While information technology has been a fixture in the business community for a number of years, as the years have passed, new innovations have appeared, and technological advances have been made, good technology has become even more critical. In some respects, it is a self-fulfilling prophecy in that the more information we have, the more there is to manage, and the more we need technology. In no industry is this more applicable than in transportation. Transportation costs totaled $907 billion in 2014. These costs as a percentage of a manufacturer or distributor’s revenue can be anywhere from 10 to 40 percent, depending on the value of their products and the modes of transportation utilized. Whatever the percentage, in any company it is a significant expense and one which can quickly get out of control if not managed properly.
With the rollercoaster ride of capacity constraints, erratic and unpredictable oil prices, and increasing rates, firms are becoming increasingly concerned, and there is a tremendous amount of pressure on logistics managers to monitor and manage expenses as closely as possible. Since the recession and its fallout, they have been expected to do more with less while, at the same time, maintain excellent levels of customer service. The latter has become increasingly difficult in today’s pressure for faster, often free, deliveries. The customers definitely have taken control of the supply chain. In order to protect their costs, service, and conditions in the marketplace, the smart managers have turned to transportation management systems as a method of measuring and managing.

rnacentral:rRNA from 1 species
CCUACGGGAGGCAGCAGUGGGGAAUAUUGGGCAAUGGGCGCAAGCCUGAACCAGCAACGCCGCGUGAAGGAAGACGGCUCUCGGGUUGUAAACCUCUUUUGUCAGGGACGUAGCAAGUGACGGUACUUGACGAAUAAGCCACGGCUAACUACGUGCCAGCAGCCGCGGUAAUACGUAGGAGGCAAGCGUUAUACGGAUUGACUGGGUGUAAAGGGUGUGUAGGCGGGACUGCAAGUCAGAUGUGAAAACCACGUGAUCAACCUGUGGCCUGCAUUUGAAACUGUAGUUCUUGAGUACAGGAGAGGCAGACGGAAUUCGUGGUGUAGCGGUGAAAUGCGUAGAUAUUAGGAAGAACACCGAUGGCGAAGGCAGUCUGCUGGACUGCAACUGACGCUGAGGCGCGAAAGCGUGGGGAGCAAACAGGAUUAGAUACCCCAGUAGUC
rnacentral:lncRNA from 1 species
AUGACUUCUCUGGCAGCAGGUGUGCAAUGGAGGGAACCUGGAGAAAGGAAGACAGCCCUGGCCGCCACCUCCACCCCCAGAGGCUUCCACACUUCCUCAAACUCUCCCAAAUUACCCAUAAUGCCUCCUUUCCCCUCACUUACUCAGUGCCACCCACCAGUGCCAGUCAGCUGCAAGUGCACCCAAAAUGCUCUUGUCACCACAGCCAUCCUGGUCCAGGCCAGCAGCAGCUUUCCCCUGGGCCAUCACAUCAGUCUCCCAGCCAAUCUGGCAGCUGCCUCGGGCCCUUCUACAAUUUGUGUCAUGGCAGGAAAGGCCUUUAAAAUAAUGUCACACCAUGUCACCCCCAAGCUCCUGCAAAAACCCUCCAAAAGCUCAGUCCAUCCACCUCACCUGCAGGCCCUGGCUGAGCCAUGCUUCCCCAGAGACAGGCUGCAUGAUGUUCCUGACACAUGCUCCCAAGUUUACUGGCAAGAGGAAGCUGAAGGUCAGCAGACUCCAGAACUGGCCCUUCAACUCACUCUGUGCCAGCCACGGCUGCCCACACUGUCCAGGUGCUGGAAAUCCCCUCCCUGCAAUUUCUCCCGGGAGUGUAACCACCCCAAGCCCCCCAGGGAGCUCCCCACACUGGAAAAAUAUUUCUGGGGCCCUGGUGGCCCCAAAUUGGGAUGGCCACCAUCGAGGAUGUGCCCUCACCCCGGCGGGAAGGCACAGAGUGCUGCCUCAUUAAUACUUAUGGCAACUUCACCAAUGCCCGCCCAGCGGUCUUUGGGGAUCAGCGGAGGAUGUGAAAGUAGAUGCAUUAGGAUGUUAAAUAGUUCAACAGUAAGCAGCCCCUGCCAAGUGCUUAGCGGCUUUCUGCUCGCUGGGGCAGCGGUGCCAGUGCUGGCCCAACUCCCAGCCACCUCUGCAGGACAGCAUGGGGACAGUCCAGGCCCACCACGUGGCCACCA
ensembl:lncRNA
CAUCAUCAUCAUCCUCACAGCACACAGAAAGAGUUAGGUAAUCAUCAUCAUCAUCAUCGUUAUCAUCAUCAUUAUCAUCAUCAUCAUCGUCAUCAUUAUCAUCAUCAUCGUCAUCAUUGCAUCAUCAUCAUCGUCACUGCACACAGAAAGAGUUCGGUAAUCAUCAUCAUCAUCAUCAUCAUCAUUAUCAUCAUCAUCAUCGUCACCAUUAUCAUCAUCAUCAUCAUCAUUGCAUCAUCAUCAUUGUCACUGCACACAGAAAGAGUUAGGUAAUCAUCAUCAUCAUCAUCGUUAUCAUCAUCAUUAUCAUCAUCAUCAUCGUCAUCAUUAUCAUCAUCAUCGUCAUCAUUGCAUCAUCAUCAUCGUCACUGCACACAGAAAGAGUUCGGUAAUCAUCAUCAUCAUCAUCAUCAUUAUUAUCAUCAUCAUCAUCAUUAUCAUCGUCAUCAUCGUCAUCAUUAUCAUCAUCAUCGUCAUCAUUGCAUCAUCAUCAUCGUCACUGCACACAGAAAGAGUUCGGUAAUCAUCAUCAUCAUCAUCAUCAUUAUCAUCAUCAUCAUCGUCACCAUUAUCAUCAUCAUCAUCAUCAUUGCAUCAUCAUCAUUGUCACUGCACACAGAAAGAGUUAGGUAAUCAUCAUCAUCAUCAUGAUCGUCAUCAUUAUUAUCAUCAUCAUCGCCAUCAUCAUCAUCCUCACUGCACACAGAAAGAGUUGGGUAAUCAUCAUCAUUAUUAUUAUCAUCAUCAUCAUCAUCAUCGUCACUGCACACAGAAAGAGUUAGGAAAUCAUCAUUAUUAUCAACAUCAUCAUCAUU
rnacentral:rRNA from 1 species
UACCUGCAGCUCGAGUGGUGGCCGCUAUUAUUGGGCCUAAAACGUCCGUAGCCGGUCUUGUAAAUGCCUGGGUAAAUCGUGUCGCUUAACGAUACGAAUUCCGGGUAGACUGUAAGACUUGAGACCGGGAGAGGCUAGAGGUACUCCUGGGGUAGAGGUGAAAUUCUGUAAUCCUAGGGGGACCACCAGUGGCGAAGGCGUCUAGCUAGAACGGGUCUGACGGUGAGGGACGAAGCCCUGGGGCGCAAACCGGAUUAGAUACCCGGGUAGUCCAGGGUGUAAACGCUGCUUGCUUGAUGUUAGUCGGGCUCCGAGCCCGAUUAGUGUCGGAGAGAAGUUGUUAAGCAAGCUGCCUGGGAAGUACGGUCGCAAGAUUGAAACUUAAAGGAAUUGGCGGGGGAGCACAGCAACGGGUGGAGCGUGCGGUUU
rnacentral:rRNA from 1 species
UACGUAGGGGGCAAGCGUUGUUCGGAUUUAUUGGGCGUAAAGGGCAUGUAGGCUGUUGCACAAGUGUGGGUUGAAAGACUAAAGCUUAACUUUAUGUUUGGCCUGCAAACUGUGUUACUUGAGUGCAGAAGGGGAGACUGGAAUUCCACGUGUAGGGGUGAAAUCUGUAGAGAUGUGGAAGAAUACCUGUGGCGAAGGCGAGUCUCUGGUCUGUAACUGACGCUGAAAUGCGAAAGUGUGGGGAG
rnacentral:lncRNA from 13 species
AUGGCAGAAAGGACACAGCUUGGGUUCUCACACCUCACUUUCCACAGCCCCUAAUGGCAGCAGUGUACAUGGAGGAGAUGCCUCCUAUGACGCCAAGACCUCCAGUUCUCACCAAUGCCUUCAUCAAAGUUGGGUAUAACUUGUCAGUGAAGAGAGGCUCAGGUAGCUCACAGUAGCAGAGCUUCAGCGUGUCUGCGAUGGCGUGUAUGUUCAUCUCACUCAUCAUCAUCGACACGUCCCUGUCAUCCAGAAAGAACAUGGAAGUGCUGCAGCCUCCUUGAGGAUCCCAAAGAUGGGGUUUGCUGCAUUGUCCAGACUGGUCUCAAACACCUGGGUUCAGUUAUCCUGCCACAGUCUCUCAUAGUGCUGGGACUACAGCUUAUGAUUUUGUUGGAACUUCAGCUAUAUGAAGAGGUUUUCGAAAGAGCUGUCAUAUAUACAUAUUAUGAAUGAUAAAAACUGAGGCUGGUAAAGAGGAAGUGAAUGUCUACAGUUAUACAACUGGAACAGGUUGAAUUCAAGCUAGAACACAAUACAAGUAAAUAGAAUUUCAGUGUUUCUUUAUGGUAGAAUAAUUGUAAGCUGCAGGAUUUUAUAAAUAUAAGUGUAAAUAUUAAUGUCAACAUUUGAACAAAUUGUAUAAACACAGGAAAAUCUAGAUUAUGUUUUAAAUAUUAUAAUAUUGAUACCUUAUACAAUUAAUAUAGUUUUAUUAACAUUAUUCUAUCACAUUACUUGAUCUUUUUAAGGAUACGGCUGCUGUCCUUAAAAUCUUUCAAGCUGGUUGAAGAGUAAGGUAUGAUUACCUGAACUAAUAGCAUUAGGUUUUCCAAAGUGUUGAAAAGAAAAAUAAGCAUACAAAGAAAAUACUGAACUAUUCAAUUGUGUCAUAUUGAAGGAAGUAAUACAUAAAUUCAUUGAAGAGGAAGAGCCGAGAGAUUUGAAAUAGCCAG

Transportation management systems (TMS) are not new. They have been around since the 1980’s, but technology advances have made them much more effective. Broadly defined, a TMS is part of a group of systems that are used to manage a firm’s transportation function. It usually refers to a form of online or software system. Some firms have built their own TMS, and others are provided by the many vendors in the marketplace. There are a number of advantages to utilizing a TMS, but these will vary by individual firms. There are however, five basic areas where most companies will achieve some savings:
1. Contract management – a single repository for all contracts will prevent errors in carrier selection and freight payment.
2. Optimal Load and Route – Optimizing the carrier base and transportation plan.
3. Least Cost Mode/Carrier Selection – Selection of least cost transportation without compromising customer service.
4. Shipment Execution – Automation will breed accuracy.
5. Performance Improvements – The ability to accurately measure performance will foster improvements.
Almost all firms will realize some variation of these advantages through the use of a TMS. In the past, systems have been complex and expensive, and some still are; but there is a reasonably priced system out there for any sized company and any sized budget. They can be purchased outright, hosted by the vendor, and in some cases can be “on demand” or pay as you go. Most users will agree that a good system will have two main components – transportation planning and transportation execution, so be sure to make sure these are included.
Surprisingly, there are many firms that do not have a sophisticated transportation management system. They may survive like this for a while, but as the technological growth continues, they would be well served to explore the availability of a system that fits their needs.